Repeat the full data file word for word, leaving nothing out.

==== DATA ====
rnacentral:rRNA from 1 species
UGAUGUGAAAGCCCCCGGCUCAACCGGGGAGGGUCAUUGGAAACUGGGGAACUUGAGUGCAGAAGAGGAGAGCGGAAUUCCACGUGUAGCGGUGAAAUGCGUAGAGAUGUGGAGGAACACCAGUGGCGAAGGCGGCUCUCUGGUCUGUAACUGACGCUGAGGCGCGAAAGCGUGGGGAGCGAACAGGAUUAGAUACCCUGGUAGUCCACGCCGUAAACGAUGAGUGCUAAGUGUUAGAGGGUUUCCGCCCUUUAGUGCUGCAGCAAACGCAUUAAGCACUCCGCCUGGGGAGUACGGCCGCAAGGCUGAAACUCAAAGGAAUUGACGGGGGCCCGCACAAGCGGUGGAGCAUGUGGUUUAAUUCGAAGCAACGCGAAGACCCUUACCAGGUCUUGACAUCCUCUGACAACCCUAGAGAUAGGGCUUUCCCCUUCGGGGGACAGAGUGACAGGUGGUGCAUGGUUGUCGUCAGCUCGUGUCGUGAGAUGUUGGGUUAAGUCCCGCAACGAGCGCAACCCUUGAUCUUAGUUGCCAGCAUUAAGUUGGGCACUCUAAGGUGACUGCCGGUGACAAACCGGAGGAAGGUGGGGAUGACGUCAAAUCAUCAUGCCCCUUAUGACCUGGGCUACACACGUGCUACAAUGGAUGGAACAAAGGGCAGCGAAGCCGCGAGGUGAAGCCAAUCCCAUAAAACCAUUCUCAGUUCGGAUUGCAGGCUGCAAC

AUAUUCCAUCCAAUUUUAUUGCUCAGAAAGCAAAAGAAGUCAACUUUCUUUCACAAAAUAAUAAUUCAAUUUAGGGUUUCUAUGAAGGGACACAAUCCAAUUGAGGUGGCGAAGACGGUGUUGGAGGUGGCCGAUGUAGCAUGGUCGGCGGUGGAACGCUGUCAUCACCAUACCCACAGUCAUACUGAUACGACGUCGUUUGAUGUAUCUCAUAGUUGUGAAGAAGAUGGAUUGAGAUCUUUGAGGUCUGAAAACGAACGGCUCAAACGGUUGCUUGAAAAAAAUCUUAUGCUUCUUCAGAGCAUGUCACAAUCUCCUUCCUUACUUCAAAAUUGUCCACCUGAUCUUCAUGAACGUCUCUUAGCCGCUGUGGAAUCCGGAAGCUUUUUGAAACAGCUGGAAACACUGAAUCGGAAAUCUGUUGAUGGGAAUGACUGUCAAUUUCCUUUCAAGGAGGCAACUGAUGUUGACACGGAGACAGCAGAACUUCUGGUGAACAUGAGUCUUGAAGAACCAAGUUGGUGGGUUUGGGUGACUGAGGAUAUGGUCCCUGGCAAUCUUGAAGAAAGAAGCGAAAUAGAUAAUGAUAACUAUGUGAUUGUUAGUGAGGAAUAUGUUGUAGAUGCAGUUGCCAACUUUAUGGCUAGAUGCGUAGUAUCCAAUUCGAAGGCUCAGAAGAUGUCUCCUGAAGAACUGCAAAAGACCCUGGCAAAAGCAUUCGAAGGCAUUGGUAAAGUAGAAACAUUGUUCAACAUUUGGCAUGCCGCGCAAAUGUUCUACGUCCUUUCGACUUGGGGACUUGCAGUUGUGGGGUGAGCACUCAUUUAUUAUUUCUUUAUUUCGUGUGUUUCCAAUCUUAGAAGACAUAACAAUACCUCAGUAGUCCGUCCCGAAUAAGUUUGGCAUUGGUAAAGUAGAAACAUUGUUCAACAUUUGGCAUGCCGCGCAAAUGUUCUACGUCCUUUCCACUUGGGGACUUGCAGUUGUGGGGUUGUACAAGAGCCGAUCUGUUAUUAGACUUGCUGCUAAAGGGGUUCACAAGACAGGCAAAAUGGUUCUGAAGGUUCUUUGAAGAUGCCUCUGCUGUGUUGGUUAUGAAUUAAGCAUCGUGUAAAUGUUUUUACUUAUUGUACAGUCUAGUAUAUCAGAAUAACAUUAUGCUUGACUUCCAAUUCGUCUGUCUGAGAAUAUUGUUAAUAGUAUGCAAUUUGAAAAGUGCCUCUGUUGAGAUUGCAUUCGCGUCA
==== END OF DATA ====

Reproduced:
rnacentral:rRNA from 1 species
UGAUGUGAAAGCCCCCGGCUCAACCGGGGAGGGUCAUUGGAAACUGGGGAACUUGAGUGCAGAAGAGGAGAGCGGAAUUCCACGUGUAGCGGUGAAAUGCGUAGAGAUGUGGAGGAACACCAGUGGCGAAGGCGGCUCUCUGGUCUGUAACUGACGCUGAGGCGCGAAAGCGUGGGGAGCGAACAGGAUUAGAUACCCUGGUAGUCCACGCCGUAAACGAUGAGUGCUAAGUGUUAGAGGGUUUCCGCCCUUUAGUGCUGCAGCAAACGCAUUAAGCACUCCGCCUGGGGAGUACGGCCGCAAGGCUGAAACUCAAAGGAAUUGACGGGGGCCCGCACAAGCGGUGGAGCAUGUGGUUUAAUUCGAAGCAACGCGAAGACCCUUACCAGGUCUUGACAUCCUCUGACAACCCUAGAGAUAGGGCUUUCCCCUUCGGGGGACAGAGUGACAGGUGGUGCAUGGUUGUCGUCAGCUCGUGUCGUGAGAUGUUGGGUUAAGUCCCGCAACGAGCGCAACCCUUGAUCUUAGUUGCCAGCAUUAAGUUGGGCACUCUAAGGUGACUGCCGGUGACAAACCGGAGGAAGGUGGGGAUGACGUCAAAUCAUCAUGCCCCUUAUGACCUGGGCUACACACGUGCUACAAUGGAUGGAACAAAGGGCAGCGAAGCCGCGAGGUGAAGCCAAUCCCAUAAAACCAUUCUCAGUUCGGAUUGCAGGCUGCAAC

AUAUUCCAUCCAAUUUUAUUGCUCAGAAAGCAAAAGAAGUCAACUUUCUUUCACAAAAUAAUAAUUCAAUUUAGGGUUUCUAUGAAGGGACACAAUCCAAUUGAGGUGGCGAAGACGGUGUUGGAGGUGGCCGAUGUAGCAUGGUCGGCGGUGGAACGCUGUCAUCACCAUACCCACAGUCAUACUGAUACGACGUCGUUUGAUGUAUCUCAUAGUUGUGAAGAAGAUGGAUUGAGAUCUUUGAGGUCUGAAAACGAACGGCUCAAACGGUUGCUUGAAAAAAAUCUUAUGCUUCUUCAGAGCAUGUCACAAUCUCCUUCCUUACUUCAAAAUUGUCCACCUGAUCUUCAUGAACGUCUCUUAGCCGCUGUGGAAUCCGGAAGCUUUUUGAAACAGCUGGAAACACUGAAUCGGAAAUCUGUUGAUGGGAAUGACUGUCAAUUUCCUUUCAAGGAGGCAACUGAUGUUGACACGGAGACAGCAGAACUUCUGGUGAACAUGAGUCUUGAAGAACCAAGUUGGUGGGUUUGGGUGACUGAGGAUAUGGUCCCUGGCAAUCUUGAAGAAAGAAGCGAAAUAGAUAAUGAUAACUAUGUGAUUGUUAGUGAGGAAUAUGUUGUAGAUGCAGUUGCCAACUUUAUGGCUAGAUGCGUAGUAUCCAAUUCGAAGGCUCAGAAGAUGUCUCCUGAAGAACUGCAAAAGACCCUGGCAAAAGCAUUCGAAGGCAUUGGUAAAGUAGAAACAUUGUUCAACAUUUGGCAUGCCGCGCAAAUGUUCUACGUCCUUUCGACUUGGGGACUUGCAGUUGUGGGGUGAGCACUCAUUUAUUAUUUCUUUAUUUCGUGUGUUUCCAAUCUUAGAAGACAUAACAAUACCUCAGUAGUCCGUCCCGAAUAAGUUUGGCAUUGGUAAAGUAGAAACAUUGUUCAACAUUUGGCAUGCCGCGCAAAUGUUCUACGUCCUUUCCACUUGGGGACUUGCAGUUGUGGGGUUGUACAAGAGCCGAUCUGUUAUUAGACUUGCUGCUAAAGGGGUUCACAAGACAGGCAAAAUGGUUCUGAAGGUUCUUUGAAGAUGCCUCUGCUGUGUUGGUUAUGAAUUAAGCAUCGUGUAAAUGUUUUUACUUAUUGUACAGUCUAGUAUAUCAGAAUAACAUUAUGCUUGACUUCCAAUUCGUCUGUCUGAGAAUAUUGUUAAUAGUAUGCAAUUUGAAAAGUGCCUCUGUUGAGAUUGCAUUCGCGUCA